Note: Materials not yet adopted as industry standards should not be classified under the MPIF coding system.
In the coding system the prefix letters denote the general type of material; for example, the letters "CT" = bronze.
|Prefix Letter Code|
(or Infiltrated Iron)
The four digits following the prefix refer to the composition of the material
In nonferrous materials, the last two numbers in the four digit series designate the percentage of the major alloying constituent. If there are no minor constituents, two zeros are indicated for the first two digits. If a minor constituent is present, the first two numbers designate the percentage of the minor constituent. Additional minor constituents are indicated in the prefix letters only.
In ferrous materials, those major alloying elements (except carbon) which are shown as ranges are included in the prefix letter code. Other elements are excluded from the code but are represented in "Chemical Composition" (Line 1). The first two digits of the designation indicate the percentage of the major alloying constituent present.
Carbon content in ferrous materials is designated by the last two numbers in the four digit series. The carbon content up to and including 0.3% will be considered as zero, higher contents will be indicated in ranges and coded as follows:
|Carbon Ranges||Code Designation|
|0.0% - 0.3%||00|
|0.3% - 0.6%||05|
|0.6% - 1.0%||08|
The percentage of carbon that is metallurgically combined is to be indicated in the coding system. Free carbon such as graphite in certain bearings is not to be included in the coding but may be referred to elsewhere in the Standard.
In the case of P/M Stainless Steels the four digit series shall be replaced with the appropriate designation adopted by the American Iron and Steel institute, but the MPIF letter codes will still be used as part of the designation in this standard.
The suffix letter denotes the density range of the material. The range used is that in which the mean density lies.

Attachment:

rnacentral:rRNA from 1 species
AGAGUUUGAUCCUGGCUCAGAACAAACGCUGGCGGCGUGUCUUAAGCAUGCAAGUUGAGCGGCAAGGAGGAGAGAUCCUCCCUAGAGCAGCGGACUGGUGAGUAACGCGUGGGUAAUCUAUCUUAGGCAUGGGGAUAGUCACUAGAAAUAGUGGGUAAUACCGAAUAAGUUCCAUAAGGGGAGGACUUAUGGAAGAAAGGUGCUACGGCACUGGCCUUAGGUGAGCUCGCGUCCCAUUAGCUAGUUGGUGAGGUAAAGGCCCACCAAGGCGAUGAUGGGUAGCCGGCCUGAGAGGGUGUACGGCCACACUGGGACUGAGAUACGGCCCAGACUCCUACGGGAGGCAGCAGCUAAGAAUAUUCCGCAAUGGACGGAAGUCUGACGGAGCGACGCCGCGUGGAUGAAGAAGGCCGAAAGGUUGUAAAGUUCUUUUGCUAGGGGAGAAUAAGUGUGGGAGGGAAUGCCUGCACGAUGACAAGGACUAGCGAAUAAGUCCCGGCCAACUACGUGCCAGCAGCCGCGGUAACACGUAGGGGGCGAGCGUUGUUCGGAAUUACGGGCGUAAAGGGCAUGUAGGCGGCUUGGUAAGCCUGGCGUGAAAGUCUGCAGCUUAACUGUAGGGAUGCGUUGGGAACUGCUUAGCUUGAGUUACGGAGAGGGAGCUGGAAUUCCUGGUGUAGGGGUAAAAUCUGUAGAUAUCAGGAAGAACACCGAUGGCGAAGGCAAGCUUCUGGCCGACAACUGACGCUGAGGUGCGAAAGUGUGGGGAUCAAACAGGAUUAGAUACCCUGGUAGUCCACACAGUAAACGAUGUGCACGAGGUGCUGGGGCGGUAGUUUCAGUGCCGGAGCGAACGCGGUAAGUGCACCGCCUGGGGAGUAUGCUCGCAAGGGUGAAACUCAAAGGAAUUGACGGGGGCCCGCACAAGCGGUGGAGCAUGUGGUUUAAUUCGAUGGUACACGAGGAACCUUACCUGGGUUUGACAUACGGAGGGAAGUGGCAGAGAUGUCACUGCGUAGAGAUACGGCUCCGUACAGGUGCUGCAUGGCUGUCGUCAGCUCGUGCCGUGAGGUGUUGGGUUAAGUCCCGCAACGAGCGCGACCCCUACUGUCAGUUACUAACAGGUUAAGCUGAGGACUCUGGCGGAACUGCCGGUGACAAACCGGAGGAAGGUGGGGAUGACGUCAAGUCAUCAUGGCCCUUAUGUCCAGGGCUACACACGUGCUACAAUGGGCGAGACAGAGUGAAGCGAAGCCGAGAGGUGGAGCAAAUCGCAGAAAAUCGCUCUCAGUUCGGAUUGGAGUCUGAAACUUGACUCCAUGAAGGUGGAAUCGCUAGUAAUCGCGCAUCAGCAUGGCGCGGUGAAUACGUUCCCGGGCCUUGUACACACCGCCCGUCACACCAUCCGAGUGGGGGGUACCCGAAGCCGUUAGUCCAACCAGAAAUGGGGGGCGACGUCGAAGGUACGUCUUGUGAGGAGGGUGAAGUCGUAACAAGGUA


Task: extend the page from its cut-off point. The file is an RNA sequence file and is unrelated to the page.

|Suffix Letter Codes for Density Range Classification|
|N||Less than 6.0 g/cc|
|P||6.0 to less than 6.4 g/cc|
|R||6.4 to less than 6.8 g/cc|
|S||6.8 to less than 7.2 g/cc|
|T||7.2 to less than 7.6 g/cc|
|U||7.6 to less than 8.0 g/cc|
|W||8.0 to less than 8.4 g/cc|
|Material||Compositions (by percent)||Code for Material & Composition|
|P/M Bronze||Cu-90, Sn-10||CT-0010|
|P/M Bronze (Leaded)||Cu-87, Sn-10, Pb-3||CTP-0310|
|P/M Nickel Silver||Cu-64, Zn-18, Ni-18||CZN-1818|
|Cu-64, Ni-18, Zn-16, Pb-2||CZNP-1618|
|P/M Brass (Leaded)||Cu-79, Zn-18, Pb-2||CZP-0218|
|P/M Iron||Fe-99, C-0.2||F-0000|
|P/M Steel||Fe-98, C-0.8||F-0008|
|P/M Copper Steel||Fe-96, Cu-2, C-0.8||FC-0208|
|P/M Iron-Copper||Fe-89, Cu-10, C-0.2||FC-1000|
|P/M Iron-Nickel||Fe-96, Ni-2, C-0.2||FN-0200|
|P/M Infiltrated Iron||Fe-78, Cu-20, C-0.2||FX-2000|
|P/M Infiltrated Steel||Fe-77, Cu-20, C-0.8||FX-2008|
- Production and Properties of Copper and Copper Alloy Powders
- Copper Powder Consolidation Techniques
- Characteristics and Properties of Copper and Copper Alloy P/M Materials
- Copper in Iron and Steel P/M Parts
- Advantages and Applications of Copper and Copper Alloy P/M Parts
- Non-Structural Applications of Copper and Copper Alloy Powders
- Engineering/ Production/ Economic Advantages of Powder Metallurgy
- Applications of Copper-Base Powder Metals
- Appendix A
- Appendix B
- Appendix C